“We are back.” Those were the rousing words of Maverick Viañles (Monster Energy Yamaha MotoGP) straight after he claimed victory at the 2021 Barwa Grand Prix of Qatar.
The Losail International Circuit has only seen one manufacturer win there in the last two seasons. That is, of course, Ducati. Heading into the opening race of 2021, the Italian manufacturer in the capable hands of Francesco Bagnaia, Ducati Lenovo Team teammate Jack Miller and Johann Zarco (Pramac Racing) were favourites to continue the trend. What very few people expected was a Viñales victory. Not because he isn’t capable, but because Ducati’s straight-line speed and off the mark advantage seemed a bit too much to overcome for the Yamahas, especially after what we saw in 2020. Many were proved wrong.
As the lights went out, Ducati’s monsters roared into Turn 1 four abreast. Viñales and teammate Fabio Quartararo were helpless from the front row as Bagnaia, Miller, Zarco and even Jorge Martin (Pramac Racing) – from 14th on the grid – shot into the first corner in P1, P2, P3 and P4. It was unreal to watch. But what happened next proved that Yamaha and Viñales have turned a corner.
Through the first sector, Viñales was P9. From there, previously, it was probably game over in terms of a decent points haul for Yamaha as battling in a pack with different machines is something that has been a huge weak point in the last couple of seasons. So for Viñales to then pick each rider in front of him off, not look uncomfortable doing so, and going on to win the race in commanding fashion was simply stunning.
Yamaha’s game, and the victories we’ve seen from Viñales in recent years, has been to get out at the front from the get-go and run your own race. Malaysia 2019 is the prime example. It’s been the trademark for years for the Iwata factory, and a lot of the time it’s worked. But after last season especially, something needed to change. And seemingly, something has.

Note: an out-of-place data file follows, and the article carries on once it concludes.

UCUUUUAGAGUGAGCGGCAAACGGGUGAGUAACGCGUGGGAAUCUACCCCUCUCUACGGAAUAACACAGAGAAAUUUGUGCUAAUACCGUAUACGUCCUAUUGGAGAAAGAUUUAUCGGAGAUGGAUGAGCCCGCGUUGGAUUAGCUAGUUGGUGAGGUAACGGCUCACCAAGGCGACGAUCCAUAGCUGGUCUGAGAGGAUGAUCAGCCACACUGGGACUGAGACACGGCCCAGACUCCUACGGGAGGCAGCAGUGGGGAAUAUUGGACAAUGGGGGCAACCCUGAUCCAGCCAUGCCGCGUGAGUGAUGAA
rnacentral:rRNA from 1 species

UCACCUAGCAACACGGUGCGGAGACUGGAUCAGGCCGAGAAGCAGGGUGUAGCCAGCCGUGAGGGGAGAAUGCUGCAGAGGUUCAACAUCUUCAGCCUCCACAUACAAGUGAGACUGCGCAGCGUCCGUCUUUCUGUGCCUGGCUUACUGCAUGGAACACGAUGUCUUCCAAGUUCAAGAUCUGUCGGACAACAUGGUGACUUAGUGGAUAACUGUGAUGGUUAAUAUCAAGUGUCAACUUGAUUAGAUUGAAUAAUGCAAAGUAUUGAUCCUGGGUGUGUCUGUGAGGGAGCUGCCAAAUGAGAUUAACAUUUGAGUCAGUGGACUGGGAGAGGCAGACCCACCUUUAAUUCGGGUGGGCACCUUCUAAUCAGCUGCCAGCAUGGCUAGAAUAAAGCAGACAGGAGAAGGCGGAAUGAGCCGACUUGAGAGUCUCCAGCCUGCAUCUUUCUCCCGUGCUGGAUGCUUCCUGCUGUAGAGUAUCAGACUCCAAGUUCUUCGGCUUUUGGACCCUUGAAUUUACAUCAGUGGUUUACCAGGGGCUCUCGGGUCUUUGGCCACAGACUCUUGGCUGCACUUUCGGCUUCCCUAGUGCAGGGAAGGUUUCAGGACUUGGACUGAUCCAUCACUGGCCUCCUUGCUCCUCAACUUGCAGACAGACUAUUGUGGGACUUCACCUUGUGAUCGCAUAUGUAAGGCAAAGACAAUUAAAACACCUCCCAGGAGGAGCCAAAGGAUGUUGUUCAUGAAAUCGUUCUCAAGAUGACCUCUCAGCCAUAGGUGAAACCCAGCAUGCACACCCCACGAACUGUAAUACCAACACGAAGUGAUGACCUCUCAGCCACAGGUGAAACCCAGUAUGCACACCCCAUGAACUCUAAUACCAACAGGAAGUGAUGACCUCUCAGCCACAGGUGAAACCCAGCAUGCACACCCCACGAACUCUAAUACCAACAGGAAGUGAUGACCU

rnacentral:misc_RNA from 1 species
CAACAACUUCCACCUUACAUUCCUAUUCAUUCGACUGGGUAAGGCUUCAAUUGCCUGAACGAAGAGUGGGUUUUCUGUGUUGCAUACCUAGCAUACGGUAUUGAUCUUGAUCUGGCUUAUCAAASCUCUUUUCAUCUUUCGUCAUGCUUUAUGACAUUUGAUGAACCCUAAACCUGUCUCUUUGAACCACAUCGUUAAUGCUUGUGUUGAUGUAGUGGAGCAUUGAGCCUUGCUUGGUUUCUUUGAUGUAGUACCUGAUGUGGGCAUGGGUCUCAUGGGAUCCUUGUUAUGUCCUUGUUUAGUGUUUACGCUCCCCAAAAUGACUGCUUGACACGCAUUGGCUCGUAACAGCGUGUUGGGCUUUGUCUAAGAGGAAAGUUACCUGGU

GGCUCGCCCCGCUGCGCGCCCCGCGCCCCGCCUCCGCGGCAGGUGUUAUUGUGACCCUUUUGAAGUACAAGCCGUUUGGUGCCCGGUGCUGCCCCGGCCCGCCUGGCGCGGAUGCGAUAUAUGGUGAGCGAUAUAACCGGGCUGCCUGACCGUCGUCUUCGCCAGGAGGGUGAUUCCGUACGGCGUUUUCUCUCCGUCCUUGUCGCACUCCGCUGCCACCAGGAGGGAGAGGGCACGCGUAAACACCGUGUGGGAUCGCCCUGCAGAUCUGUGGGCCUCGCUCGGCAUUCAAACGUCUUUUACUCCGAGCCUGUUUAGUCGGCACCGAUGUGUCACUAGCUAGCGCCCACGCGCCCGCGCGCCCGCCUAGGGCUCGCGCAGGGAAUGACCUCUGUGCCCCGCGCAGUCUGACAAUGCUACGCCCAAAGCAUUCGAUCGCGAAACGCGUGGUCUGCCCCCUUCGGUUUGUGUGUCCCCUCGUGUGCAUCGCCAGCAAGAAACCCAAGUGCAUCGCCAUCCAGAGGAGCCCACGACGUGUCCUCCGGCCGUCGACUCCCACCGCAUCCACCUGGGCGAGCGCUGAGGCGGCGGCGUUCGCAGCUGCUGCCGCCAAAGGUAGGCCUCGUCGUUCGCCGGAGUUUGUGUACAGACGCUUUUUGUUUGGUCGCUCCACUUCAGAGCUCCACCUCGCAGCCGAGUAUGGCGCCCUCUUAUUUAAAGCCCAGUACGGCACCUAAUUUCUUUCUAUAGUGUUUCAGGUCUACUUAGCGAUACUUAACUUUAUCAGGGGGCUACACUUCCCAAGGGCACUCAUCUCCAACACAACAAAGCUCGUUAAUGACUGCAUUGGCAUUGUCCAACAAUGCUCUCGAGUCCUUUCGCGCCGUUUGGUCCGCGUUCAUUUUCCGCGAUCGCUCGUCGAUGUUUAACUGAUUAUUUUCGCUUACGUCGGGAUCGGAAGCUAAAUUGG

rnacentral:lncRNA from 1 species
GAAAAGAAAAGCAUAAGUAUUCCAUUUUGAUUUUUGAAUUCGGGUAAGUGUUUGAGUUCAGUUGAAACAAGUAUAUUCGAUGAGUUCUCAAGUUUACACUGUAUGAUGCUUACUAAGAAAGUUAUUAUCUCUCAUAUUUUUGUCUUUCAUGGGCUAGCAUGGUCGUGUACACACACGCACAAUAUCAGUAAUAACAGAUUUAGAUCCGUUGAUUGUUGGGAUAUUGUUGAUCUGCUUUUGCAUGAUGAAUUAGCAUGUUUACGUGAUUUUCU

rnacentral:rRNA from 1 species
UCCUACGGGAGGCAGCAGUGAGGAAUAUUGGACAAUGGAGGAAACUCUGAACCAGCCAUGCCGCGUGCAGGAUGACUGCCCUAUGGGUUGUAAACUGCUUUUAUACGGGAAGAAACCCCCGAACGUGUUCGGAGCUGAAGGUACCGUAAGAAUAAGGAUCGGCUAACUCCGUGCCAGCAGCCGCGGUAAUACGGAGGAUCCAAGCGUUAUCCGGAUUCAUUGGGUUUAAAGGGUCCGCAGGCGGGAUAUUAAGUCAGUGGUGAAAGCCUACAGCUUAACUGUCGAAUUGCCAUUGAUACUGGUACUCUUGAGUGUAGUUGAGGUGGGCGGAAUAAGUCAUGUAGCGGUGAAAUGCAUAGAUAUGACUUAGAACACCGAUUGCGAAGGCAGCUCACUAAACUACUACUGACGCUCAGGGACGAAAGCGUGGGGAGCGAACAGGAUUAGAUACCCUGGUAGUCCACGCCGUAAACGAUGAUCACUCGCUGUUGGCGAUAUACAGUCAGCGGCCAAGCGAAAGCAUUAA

Both Viñales and Yamaha look like improved weapons in 2021, and what was uplifting to see was the Spaniard speaking with such pride in the post-race Press Conference about how happy he is with life at home. He’s now a husband and a father to be. A stress-free Viñales is obviously a very, very quick Viñales.
It might have only been Round 1 of the season, but we learned a lot from Qatar’s opener. When Viñales says “we are back”, it looks like he really means it. The Spaniard won one race last season but it was a largely disappointing year for both him and Yamaha in general. Yes, they won seven out of 14 races, but Viñales and Quartararo’s title challenges on the latest spec machinery went up in smoke. To display such a performance that is pretty much the total opposite of what we’ve seen from Viñales and Yamaha in recent years is a tell-tail sign that the combination is here to stay at the top of the Championship for the foreseeable.
Since winning his first race with Yamaha in Qatar at the start of the 2017 season, it’s fair to say it hasn’t completely gone to plan for Viñales in Iwata blue. Three wins in the opening five races was a dream start to life as a Yamaha rider, but five wins – including the latest triumph – since the famous Le Mans encounter hasn’t been the icing on the cake. This might be the start of what we all came to expect though.
It must be said that Yamaha have always performed well in the Qatari desert: Viñales, Valentino Rossi and Jorge Lorenzo have all won at Losail. But that shouldn’t take anything away from what we witnessed on the latest Sunday under the lights. Let's reiterate: it's not the win that was most impressive, it was the style of win that has raised eyebrows.
Of course, lots can change very quickly in MotoGP™. There’s no doubt that every rider will be stronger at the Losail International Circuit next weekend, but Viñales has rekindled old feelings with his YZR-M1. Winning in such fashion sends out a warning shot to the rest of the field, but we’re only one race into a season.
A lot can change over the coming months. However, Viñales has returned to action with an almighty bang. Is this form here to stay? Time will tell.